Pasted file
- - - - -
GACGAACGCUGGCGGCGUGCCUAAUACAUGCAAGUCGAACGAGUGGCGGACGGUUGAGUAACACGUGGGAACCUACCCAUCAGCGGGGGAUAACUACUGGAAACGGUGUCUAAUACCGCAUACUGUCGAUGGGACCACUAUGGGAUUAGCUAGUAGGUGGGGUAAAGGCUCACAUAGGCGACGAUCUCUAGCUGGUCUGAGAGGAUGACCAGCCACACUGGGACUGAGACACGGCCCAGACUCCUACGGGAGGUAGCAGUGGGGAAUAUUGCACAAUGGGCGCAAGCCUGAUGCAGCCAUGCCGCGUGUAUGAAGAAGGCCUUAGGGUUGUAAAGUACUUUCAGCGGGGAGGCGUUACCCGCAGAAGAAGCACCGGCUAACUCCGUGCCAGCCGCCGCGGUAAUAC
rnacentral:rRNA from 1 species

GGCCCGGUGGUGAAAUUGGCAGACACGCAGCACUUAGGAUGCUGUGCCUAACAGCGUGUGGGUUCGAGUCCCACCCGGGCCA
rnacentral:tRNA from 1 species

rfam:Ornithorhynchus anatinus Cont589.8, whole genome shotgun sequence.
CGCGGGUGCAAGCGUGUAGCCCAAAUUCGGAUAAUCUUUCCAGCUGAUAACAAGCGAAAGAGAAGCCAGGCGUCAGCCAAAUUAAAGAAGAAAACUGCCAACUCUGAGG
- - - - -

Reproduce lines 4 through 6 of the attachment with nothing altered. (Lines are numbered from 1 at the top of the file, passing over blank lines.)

rnacentral:tRNA from 1 species

rfam:Ornithorhynchus anatinus Cont589.8, whole genome shotgun sequence.
CGCGGGUGCAAGCGUGUAGCCCAAAUUCGGAUAAUCUUUCCAGCUGAUAACAAGCGAAAGAGAAGCCAGGCGUCAGCCAAAUUAAAGAAGAAAACUGCCAACUCUGAGG